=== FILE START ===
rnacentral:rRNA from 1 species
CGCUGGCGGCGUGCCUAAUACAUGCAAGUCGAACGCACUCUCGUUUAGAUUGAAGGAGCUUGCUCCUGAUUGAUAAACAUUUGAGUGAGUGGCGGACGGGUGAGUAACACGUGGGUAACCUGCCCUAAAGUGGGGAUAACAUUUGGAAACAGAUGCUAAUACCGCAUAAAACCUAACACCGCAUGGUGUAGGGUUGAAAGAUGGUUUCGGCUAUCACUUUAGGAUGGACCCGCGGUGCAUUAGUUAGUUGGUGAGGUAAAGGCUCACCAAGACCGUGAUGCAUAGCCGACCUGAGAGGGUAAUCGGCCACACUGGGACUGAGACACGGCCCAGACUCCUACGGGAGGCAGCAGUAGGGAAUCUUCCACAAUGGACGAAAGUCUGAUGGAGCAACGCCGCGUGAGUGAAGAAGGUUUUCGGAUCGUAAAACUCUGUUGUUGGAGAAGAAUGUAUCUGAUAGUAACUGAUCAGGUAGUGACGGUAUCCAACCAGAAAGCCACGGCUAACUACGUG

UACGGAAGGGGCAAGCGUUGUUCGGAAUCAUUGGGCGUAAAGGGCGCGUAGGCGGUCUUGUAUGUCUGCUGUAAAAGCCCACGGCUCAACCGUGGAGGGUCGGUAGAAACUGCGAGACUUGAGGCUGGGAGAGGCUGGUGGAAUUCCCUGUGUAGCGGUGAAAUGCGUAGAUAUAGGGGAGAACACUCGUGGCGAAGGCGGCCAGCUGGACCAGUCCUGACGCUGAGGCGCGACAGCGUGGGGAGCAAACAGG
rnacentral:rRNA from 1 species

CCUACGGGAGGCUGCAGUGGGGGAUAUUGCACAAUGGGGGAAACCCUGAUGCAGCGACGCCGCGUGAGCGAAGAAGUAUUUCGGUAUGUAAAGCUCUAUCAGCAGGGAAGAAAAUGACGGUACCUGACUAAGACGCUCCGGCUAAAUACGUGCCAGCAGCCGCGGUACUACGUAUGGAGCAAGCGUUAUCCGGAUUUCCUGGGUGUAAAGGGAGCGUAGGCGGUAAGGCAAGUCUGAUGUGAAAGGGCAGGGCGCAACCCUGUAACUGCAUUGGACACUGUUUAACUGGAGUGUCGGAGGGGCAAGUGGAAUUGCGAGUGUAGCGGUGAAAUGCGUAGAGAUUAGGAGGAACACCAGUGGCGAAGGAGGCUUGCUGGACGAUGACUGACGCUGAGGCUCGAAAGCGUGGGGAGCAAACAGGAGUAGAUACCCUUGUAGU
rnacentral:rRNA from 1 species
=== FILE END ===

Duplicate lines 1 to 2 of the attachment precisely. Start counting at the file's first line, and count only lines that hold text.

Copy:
rnacentral:rRNA from 1 species
CGCUGGCGGCGUGCCUAAUACAUGCAAGUCGAACGCACUCUCGUUUAGAUUGAAGGAGCUUGCUCCUGAUUGAUAAACAUUUGAGUGAGUGGCGGACGGGUGAGUAACACGUGGGUAACCUGCCCUAAAGUGGGGAUAACAUUUGGAAACAGAUGCUAAUACCGCAUAAAACCUAACACCGCAUGGUGUAGGGUUGAAAGAUGGUUUCGGCUAUCACUUUAGGAUGGACCCGCGGUGCAUUAGUUAGUUGGUGAGGUAAAGGCUCACCAAGACCGUGAUGCAUAGCCGACCUGAGAGGGUAAUCGGCCACACUGGGACUGAGACACGGCCCAGACUCCUACGGGAGGCAGCAGUAGGGAAUCUUCCACAAUGGACGAAAGUCUGAUGGAGCAACGCCGCGUGAGUGAAGAAGGUUUUCGGAUCGUAAAACUCUGUUGUUGGAGAAGAAUGUAUCUGAUAGUAACUGAUCAGGUAGUGACGGUAUCCAACCAGAAAGCCACGGCUAACUACGUG